Increasing Incidence of Human Brucellosis in Southern Israel after the Cessation of a Veterinarian Control Campaign
Ari A Shemesh and Pablo Yagupsky*
Clinical Microbiology, Soroka University Medical Center, Ben-Gurion University of the Negev, Beer-Sheva, Israel
- *Corresponding Author:
- Pablo Yagupsky
Clinical Microbiology, Soroka University Medical Center
Ben-Gurion University of the Negev, Beer-Sheva, Israel
Tel: (972) 86400507
Fax: (972) 86403541
E-mail: [email protected]
Received Date: July 09, 2013; Accepted Date: August 23, 2013; Published Date: August 30, 2013
Citation: Shemesh AA, Yagupsky P (2013) Increasing Incidence of Human Brucellosis in Southern Israel after the Cessation of a Veterinarian Control Campaign. Air Water Borne Diseases 2:112. doi:10.4172/2167-7719.1000112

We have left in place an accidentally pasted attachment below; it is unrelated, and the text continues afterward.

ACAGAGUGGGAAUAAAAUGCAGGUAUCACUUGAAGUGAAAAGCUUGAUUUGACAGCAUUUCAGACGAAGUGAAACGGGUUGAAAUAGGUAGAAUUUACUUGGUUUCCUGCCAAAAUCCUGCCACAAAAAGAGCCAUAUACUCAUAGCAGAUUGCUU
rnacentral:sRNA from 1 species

Copyright: © 2013 Shemesh AA, et al. This is an open-access article distributed under the terms of the Creative Commons Attribution License, which permits unrestricted use, distribution, and reproduction in any medium, provided the original author and source are credited.
The southern region of Israel is populated by a mostly urban Jewish majority (population: 385,200 inhabitants)
and a large seminomadic Bedouin minority (population: 188,900) who maintains herds of sheep and goats.
A retrospective study was conducted to assess the impact of the 1997 decision to discontinue a veterinarian
control campaign on the epidemiology of human brucellosis in the region.